MMM – The Village

You can read my full recap of the marketing for The Village at FilmThreat.

So will the movies of M. Night Shyamalan hold up as well? Will we still be discussing The Sixth Sense twenty years from now? That may depend on two things: 1) How well this film does financially and 2) How well this film does artistically. Shyamalan needs to really make his mark and prove that he can keep producing at an exceptional level from movie to movie.

A rose by any other name

The media airwaves, newsprint and web pages have been inundated in the last week with the news of and commentary on bloggers being credentialed as press at the ongoing Democratic National Convention in Boston, MA.  Pontifs have pontificated, pundits have pundited and commentators have.. well, there’s got to be something that starts with a “p” otherwise my whole scheme is off.

Anyway, the general tone of these is that some great paradigm shift is underway with blogging.  There’s also the sense that the DNC is acting so magnanimously by allowing these writers, who more often than not are not associated with an established (read: corporately owned) media outlet into their hallowed hall.

A writer is a writer is a writer.  No matter what outlet they may use, be it a newspaper with a circulation in the hundreds of thousands (at least that’s what they tell advertisers) or a lowly web log with a dozen visitors a week.  What the DNC has done is not really all that groundbreaking, despite what NPR or the Washington Post may try and tell you.  All they have done is give more writers an opportunity to cover the event.

So why are writers whose works appear on privately operated web logs seen as such a brand new dynamic?  Because they are not accountable to subscribers or seven layers of corporate management.  They need not run their copy past three editors and a legal department in order to espouse their opinions or do any kind of reporting.

Things like this used to be confined to the “Letters to the Editor” or “Voice of the People” sections of the major papers.  It’s a measure of how far the faith of a certain demographic has fallen in the major media outlets that they have felt the need to self-publish in order to feel their voice is being heard.  Generally, according to various surveys (which I don’t have the time to find the links to), blog writers are fairly affluent with full time jobs and more often than not families.  These are not lonely frustrated nihilists.  They are the people on the train or on the highways commuting to their jobs and coaching kids sports.

So why the massive differentiation between writers and bloggers in the medias’ eye?  I can’t help but feel it’s a good amount of jealousy and snobbery coming into play.  If any Cletus, the Slack-Jawed Yokel with an internet connection can report/opine on current events than the sanctity that reporters and editors – as well as the managers who must justify their budgets – wrap themselves in.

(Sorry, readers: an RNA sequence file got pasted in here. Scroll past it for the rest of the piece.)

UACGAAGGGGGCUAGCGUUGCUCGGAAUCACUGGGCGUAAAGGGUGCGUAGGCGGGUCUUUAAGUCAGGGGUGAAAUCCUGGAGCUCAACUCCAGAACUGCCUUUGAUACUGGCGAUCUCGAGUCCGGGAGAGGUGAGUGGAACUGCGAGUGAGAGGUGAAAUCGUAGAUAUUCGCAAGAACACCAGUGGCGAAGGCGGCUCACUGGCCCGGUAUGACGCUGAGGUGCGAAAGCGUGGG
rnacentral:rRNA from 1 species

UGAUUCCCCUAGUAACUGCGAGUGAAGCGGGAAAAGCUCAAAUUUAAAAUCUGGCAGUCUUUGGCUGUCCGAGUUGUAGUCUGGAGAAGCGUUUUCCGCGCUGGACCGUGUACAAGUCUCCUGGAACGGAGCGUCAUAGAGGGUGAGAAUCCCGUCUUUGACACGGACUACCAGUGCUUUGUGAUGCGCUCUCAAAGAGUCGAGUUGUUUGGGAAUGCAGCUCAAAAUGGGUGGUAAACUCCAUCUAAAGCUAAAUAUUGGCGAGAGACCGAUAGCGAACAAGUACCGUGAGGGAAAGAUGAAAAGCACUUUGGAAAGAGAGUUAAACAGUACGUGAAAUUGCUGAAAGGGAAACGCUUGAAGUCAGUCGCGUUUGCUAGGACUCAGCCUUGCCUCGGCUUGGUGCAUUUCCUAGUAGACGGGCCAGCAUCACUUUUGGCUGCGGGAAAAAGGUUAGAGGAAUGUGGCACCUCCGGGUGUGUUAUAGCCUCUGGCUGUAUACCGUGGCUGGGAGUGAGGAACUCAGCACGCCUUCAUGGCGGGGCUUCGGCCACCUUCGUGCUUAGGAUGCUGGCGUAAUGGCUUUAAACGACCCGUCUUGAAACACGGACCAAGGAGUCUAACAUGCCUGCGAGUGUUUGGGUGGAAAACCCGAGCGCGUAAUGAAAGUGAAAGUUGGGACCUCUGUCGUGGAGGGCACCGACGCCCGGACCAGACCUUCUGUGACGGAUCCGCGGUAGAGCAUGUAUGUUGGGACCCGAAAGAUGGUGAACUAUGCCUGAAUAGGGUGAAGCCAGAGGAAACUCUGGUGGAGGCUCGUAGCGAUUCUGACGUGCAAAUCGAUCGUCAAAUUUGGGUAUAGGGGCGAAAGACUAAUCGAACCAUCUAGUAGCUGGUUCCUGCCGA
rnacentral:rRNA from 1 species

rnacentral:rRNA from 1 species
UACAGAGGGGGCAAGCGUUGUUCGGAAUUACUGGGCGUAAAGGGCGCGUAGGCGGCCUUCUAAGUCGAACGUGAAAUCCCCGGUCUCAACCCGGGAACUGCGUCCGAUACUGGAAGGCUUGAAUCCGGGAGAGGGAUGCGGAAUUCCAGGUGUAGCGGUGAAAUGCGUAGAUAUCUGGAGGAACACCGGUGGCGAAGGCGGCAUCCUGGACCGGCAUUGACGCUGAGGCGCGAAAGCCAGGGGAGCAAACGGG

The voice of the electorate will be heard this election, if not at the ballot-box then definitely online.  Web logs have achieved a kind of cache among the digirati that message boards never really did, despite their inherent similarities.  All you need for either is an ISP, some imagination to come up with a title for your post and possibly a User handle and an opinion.  Message boards, though, since they were always sub-sections of larger sites, were seen as kind of a playground where the kids could play while the adults did their important work.  By offering equal footing for all comers, web logs have truly democratized the writing format and should be noted by all.

What all this means for the future of journalism I can’t and won’t say.  If there is one constant in the field it’s that things will change so any prognostication is useless and a waste of space.  I write to my blog because it’s fun and free.  If you want to know why anyone else does so, visit their blogs and ask them.  They’ll probably love to explain it.

Random quotes

Memorable Quotes from Casablanca (1942)

Major Strasser: What is your nationality?
Rick: I’m a drunkard.
Captain Renault: That makes Rick a citizen of the world.

Bestowing titles

So the title for the sixth and final Star Wars film has been officially announced.  I can now put together the following list:

Star Wars: Episode I – The Phantom Menace
Star Wars: Episode II – Attack of the Clones
Star Wars: Episode III – Revenge of the Sith
Star Wars: Episode IV – A New Hope
Star Wars: Episode V – The Empire Strikes Back
Star Wars: Episode VI – Return of the Jedi

As anyone who knows me will attest, I am completely George Lucas’ bitch.  I’m powerless.  If I misbehave there’s the threat he will punish me in some fashion.

Before Ep. 2 came out a few years and Lucas was trying to appease all the fans he pissed off with Ep. 1 he made quite a few comments about how the films were like poetry, where certain cadences and themes would be repeated.  This was all in the context of attempting to tie the prequel trilogy into the classic trilogy (never mind that he has done everything in his power with CGI and more to revise the classics to fit his new prequel mindset).  He may as well have just said, “Really, this will remind you why you loved the first three movies.  Please come see my movie!”.  Unfortunately, he then cast Hayden Christiansen as Anakin Skywalker.

One area Lucas has been good at hitting his “repeated themes” concept with are the chapter titles.  They fit a very nice pattern as you can see:

Eps 1 & 4 – Descriptive
Eps 2 & 5 – Decisive action by a large group
Eps 3 & 6 – Emotional action by a small group

Kudos to Lucas also for using “Revenge” which any Star Wars fan will be able to tell you was part of the original title for Ep. 6, i.e. “Revenge of the Jedi”.  The story goes that this was the title until Lucas decided that the concept of revenge didn’t really fit into the idea of the Jedi as a group who have learned to master their emotions and not let them cloud the use of good judgment to decide action.

However it turns out, I’m going to be there for Ep. 3.  I’ll get the DVDs of the original trilogy no matter what the CGI changes are that have been made.  I’ll get the DVD of Ep. 3 and probably the box set of the special editions of the six-part epic that is a couple years away.  I’ll get the DVDs of the Ewoks and Droids TV series and pretty much anything else that comes with the SW name attached.  As I said, I’m Lucas’ bitch.  We all have that one relationship that we can’t break off no matter how self-destructive it might be.  I know it’s not healthy, but that really doesn’t change anything.